For some reason, Diego felt no fear standing before the giant. He dashed in immediately, closing the distance. This caught warlord off guard, and he tried to parry the thrust with the pole of his ax. A swift knee, he thought, would put the boy back in his place, but as he struck him in the gut, Pedro saw no look of pain or surprise on the boy’s face. He stared right back at him, eyes cold and dead.

Some of the other soldiers, who up until now had been too preoccupied with their own life and death struggles, finally took notice of the drama unfolding right beside them. Many men immediately lunged at Diego, but each was cut down in a blur of glinting steel and blood.

“Stand down, men!” Pedro barked. He took off his horned helm and tossed it aside. Embers danced in the air between the two men, like infernal flower petals on a summer breeze. “We will finish this ourselves.”

Diego bent low into a fighting stance, pointing his narrow espada right at the giant’s heart. “Whenever your ready.”

Growling, the Bull King raised his ax and brought it down. His strike was fast, faster than when he fought that old knight in the forest. Still, Diego saw it coming, and moved to the side. Now there was an opening, and he went for it.

The Bull King roared as Diego punctured his side, but it was a cry of fury, not pain. He jammed the butt of his ax into the swordsman’s face, making his head cock back hard, but Diego did not stagger like he’d expected.

“What sort of monster are you?” Pedro asked.

They felt the ramparts shudder beneath their feet. Both Pedro and Diego looked over the wall, but the front gate was still intact. Then, behind them, they heard the heaving of sundering stone. Another tentacle, larger than any other, burst out from alcazar, spraying everyone with bits of rock and dust. It wrapped it’s leviathan-like body around the tallest spire, and like a python, it constricted the structure until it snapped like a twig.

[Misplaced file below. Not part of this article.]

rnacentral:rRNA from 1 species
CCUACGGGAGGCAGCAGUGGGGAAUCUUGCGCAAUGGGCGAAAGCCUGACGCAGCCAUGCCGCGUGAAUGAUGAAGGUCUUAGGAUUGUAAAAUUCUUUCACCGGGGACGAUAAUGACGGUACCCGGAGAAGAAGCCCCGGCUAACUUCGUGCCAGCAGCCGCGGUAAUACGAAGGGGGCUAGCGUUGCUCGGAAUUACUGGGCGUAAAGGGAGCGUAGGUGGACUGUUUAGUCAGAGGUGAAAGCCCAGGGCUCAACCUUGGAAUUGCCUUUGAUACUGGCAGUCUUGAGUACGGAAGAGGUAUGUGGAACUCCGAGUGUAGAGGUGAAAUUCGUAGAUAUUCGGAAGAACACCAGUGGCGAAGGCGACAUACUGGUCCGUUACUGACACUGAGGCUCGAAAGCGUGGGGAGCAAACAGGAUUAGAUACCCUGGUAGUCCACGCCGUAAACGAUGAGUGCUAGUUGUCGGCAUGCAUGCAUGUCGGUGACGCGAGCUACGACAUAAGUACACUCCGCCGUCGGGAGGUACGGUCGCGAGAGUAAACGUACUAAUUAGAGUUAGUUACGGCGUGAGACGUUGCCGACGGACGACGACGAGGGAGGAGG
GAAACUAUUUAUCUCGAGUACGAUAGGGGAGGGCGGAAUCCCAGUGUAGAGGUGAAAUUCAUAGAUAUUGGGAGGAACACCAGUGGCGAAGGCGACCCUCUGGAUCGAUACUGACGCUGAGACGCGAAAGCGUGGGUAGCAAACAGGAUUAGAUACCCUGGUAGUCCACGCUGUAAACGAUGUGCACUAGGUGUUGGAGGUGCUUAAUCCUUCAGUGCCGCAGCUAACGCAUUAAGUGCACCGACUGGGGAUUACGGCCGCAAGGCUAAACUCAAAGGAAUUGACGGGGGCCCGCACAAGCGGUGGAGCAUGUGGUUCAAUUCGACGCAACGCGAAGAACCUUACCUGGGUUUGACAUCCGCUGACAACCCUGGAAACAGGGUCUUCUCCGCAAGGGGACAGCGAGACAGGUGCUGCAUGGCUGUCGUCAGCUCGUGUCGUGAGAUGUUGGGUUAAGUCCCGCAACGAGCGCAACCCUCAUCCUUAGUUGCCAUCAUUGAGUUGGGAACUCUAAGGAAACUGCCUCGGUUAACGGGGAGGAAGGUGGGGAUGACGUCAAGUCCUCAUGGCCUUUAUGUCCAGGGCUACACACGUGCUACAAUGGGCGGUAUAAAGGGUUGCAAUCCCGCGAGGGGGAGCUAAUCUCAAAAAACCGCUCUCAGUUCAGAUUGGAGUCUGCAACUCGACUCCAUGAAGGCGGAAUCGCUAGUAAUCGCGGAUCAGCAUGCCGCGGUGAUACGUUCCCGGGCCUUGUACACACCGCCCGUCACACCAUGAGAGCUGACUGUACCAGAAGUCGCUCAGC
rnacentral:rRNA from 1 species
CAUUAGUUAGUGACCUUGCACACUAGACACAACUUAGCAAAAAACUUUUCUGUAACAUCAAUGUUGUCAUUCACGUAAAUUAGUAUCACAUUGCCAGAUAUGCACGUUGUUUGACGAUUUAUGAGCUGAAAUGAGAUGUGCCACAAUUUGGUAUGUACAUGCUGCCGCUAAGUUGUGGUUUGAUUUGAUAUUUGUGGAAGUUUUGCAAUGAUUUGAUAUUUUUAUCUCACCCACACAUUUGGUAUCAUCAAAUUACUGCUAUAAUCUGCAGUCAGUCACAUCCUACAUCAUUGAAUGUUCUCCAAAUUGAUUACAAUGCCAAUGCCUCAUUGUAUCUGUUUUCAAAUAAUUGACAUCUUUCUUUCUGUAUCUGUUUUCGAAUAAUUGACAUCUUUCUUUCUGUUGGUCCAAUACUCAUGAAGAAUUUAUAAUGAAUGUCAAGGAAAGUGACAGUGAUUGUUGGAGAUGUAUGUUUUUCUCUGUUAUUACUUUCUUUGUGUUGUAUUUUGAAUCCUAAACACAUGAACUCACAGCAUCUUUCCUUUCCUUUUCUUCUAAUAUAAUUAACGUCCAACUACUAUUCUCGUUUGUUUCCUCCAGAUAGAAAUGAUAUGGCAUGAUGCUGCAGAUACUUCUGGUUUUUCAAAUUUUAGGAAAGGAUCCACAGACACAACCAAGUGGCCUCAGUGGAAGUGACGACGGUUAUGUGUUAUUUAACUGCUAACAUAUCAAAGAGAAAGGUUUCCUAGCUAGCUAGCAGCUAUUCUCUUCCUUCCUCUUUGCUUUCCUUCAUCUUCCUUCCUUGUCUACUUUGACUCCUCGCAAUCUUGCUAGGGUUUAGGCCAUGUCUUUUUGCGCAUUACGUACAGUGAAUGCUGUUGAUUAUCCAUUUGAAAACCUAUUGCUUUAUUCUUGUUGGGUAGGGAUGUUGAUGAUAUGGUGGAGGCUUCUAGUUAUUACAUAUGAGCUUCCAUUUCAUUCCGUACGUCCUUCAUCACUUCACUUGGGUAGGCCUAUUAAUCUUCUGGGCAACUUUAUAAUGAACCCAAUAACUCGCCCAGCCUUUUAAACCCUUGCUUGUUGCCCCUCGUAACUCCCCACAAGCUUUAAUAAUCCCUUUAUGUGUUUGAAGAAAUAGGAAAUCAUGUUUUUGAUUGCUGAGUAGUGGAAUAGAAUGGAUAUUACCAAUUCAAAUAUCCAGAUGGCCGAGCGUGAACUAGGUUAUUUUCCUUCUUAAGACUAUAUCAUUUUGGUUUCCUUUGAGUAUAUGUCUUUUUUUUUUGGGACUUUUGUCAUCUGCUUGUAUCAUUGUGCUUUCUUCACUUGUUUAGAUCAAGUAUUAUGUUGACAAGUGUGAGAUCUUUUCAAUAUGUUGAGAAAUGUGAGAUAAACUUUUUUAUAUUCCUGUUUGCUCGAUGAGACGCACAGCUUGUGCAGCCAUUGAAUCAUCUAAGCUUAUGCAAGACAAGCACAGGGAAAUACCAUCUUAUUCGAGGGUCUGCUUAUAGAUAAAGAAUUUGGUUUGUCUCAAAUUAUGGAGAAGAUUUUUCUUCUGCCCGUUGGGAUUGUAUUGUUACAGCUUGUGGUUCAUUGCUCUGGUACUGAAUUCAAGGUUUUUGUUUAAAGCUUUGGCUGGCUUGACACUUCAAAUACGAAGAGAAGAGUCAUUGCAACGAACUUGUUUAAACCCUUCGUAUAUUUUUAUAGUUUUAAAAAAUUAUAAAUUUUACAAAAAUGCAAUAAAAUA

Pedro, bleeding and strained, was still able to muster the strength to yell at the obliteration of his mighty fortress. He yelled until the veins jutted from his neck. Diego could almost see the tears in his eyes.

The hulking man swung his battleax with wanton abandon at the nimble swordsmith. He swept his blade across every direction, forcing Diego to back up. There was little to fear from being hit, since he attacked without aim, but there was no way to fight back against a storm of heavy metal.

He continued to back up until he couldn’t any further. He’d reached the edge of the wall and his back was against the parapet. There was no way to escape to either side. He was trapped.

The Bull King saw the young man’s folly and prepared for one final swing that would cleave his chest from his legs.

A ridiculous and desperate thought streaked through Diego’s mind. There was no time to contemplate it. Instinct took over and he leaped over the parapet, dodging the strike and disappeared off the wall.

Pedro almost laughed with astonishment, figuring that he’d finally frightened him off. A quick fall must have been preferable to being slain by his ax, but then his eye caught sight of the tawny hand still gripping the lip of the parapet. Curious, he came over to the edge and looked down at the young man dangling over a forest of pikes and swords.

“Too afraid to go through with it?” he jeered.

“Not at all.” Diego thrust his sword straight up into the Bull King’s face.

The man wretched back so hard that he pulled the sword from Diego’s hand, and this time he did shout in pain, but only for a brief moment. The other bandits nearby stopped and turned. The bandit king now lay dead with a sword through his eye-socket.

Diego pulled himself back up over the wall, walked to the corpse of the fallen giant, and pulled his sword free. He stared at the blade, examining the viscera, the white sliver of eye still clinging to the edge. He wanted to feel happy. He wanted to feel triumphant. Where was his joy? Then he realized he was surrounded by armed men. The bandits, mouths agape and eyes wide, stood in stunned silence.

“Your king is dead,” Diego said, looking the bandits around him, “and with it, whatever future you thought you had with him. Now, run.”

One by one, a bandit would back away and turn for the stairs. Before long, the men retreated in droves. Diego stood alone, victorious, watching his enemies scatter into the wind. He was amazed by how little he had felt during the fight. No fear, no pain, but why? What happened to him? He finally realized that his resurrection had not left him the same man. Parts were missing. What was he now?

Nekayah…

“Nekayah!” he screamed. “Nekayah!”